The advance in technology since I was a kid is something I could never have envisioned and, looking back, is truly remarkable. Growing up, we had the generic landline which, having parents and two sisters, was always otherwise engaged. Yesterday, I took a picture with my beloved iPhone 5 using the zoom feature, of my electricity metre which is placed too high to read by way of normal sight. I emailed the metre picture to the supplier and hey presto, my account was immediately updated. Didn’t have to book an appointment to wait for a metre man with the six hour window we’re given nowadays by companies who seem to think we’ve got all the time in the world to sit at home waiting.
Back then, when I needed directions, and being hopelessly incapable of fathoming an A-Z, my father would jot down street drawings and I would add written instructions which sat beside me as I drove along. Often, I would have to pull over to quickly ascertain the next route to take. It was time-consuming and cumbersome compared to now when I just type in a postal code and my sat nav tells me where to turn with the added benefit of arrows highlighting the upcoming turning. That’s not to say I haven’t missed a turning but then the welcome, “re-calculating” instruction booms and I’m safely on my way once more.
Most revered of all is Sky + which has proved a gloriously time-saving invention. Long gone are the days of setting the video and only being able to record one programme at a time. It was hardly worth the effort with the amount of instructions you had to learn in order to use the machine. Now I can Sky + all my favourite shows, set the series link so the series downloads automatically and, most satisfying of all, never having to sit through mind-numbing adverts.
But, when technology fails and these time-saving machines break down, the time and effort it takes to resolve issues is infuriating. It’s not just getting the machine to work again, it’s the mental stress of trying to find the most cost effective way of doing so within the shortest time possible. I’ve learnt to my peril, that technological support is extremely expensive which you are often unaware of when purchasing phones, sat nav’s and the like. Most irritating of all, is that faults often develop even when you have followed instructions to the letter, particularly when attempting to download software updates.
After logging into iTunes, a window popped up informing me that a new software update was available. I plugged the phone into the port and the download was initiated but any hopes of installation were dashed when a window popped up with the heart-stopping words, “Apple unable to verify update-error 1604”. As if anyone can be expected to know what “error 1604” alludes to. Resourcefully, I google, “error 1604”, and, after scrolling pages and pages of troubleshooting links I find a YouTube video of a lady with pink, or is red hair, talking through “error 1604” as I fight to focus on the blurry screen shots. I follow her solution guidelines and re-try the update. This time, “error 21”. I google “error 21” but don’t understand the instructions, something about disabling windows operating system via the host files. What? Doesn’t sound much like boil, simmer then blend till soft. Then the killer message – “phone in recovery mode” i.e. totally scrambled and if you haven’t backed up your data you’ll suffer brain drain having to re-enter contacts, wi-fi connections, app’s, screensavers, not forgetting transferring music, videos and pictures.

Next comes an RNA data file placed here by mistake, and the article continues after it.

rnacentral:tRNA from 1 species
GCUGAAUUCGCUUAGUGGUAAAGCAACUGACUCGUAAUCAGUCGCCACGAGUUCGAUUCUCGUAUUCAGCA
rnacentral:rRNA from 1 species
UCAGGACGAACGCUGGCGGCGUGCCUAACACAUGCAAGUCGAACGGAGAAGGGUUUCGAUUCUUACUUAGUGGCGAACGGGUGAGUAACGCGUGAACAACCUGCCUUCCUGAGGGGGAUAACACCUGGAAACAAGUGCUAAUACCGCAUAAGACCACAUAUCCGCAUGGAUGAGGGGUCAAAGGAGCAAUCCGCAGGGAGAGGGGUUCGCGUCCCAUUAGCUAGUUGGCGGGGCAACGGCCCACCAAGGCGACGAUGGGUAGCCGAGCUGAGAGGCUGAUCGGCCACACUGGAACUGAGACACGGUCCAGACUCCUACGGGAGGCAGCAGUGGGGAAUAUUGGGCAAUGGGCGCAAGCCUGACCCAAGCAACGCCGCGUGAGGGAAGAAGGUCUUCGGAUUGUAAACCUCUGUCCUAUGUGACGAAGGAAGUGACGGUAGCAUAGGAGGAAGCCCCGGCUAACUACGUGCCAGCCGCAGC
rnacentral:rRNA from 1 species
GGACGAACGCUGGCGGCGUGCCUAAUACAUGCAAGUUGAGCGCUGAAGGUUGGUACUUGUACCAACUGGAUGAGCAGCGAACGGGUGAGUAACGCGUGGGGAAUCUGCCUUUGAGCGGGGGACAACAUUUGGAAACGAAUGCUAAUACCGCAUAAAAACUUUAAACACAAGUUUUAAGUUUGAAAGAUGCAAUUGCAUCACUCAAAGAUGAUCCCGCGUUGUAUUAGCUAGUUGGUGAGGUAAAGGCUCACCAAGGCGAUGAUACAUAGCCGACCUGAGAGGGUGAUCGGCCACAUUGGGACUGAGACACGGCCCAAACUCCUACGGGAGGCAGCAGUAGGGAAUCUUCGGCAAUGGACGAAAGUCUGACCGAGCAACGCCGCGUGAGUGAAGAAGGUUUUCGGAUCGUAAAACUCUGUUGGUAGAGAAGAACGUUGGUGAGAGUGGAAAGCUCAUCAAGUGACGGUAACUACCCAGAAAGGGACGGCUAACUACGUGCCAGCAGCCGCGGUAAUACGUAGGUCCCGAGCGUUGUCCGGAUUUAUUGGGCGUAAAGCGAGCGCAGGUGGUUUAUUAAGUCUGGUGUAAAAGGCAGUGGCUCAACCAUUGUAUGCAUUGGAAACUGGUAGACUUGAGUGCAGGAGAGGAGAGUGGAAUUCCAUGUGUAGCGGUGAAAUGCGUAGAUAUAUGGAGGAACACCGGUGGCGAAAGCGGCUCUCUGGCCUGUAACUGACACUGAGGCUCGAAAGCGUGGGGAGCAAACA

It’s last resort time, I’m going to have to spend money on tech support. It’s now 7pm on a Friday night (disasters always happen on a Friday) and manage to find a tech support service who put me through to a German operator in India. What with his accent and the background echo, he’s tough to understand but he’s nice and friendly and assures me that he’s seen this problem countless times and he’ll have me up and running in no time. By 11pm we’d both given up. The phone stubbornly remained in recovery mode and whatever we tried, we couldn’t get it to work.
I was lucky this time as the phone was under warranty but if it hadn’t been, it would have cost just under £300 to replace through absolutely no fault of my own. The biggest irony was being told by Apple that I shouldn’t ever use itunes to update software, that it should only be done via the phone itself!
After typing in an address to my sat nav, a window popped up saying that all map data was unavailable. A sat nav without maps, how is that even possible? I call tech support and the guy tells me he’s never heard of this happening but he suggests I download the maps from their database. This took 3 hours so, unsurprisingly, I missed my appointment.
Gotta tell you, got heaps of programmes on Sky + to catch up on but am scared to pick-up the remote!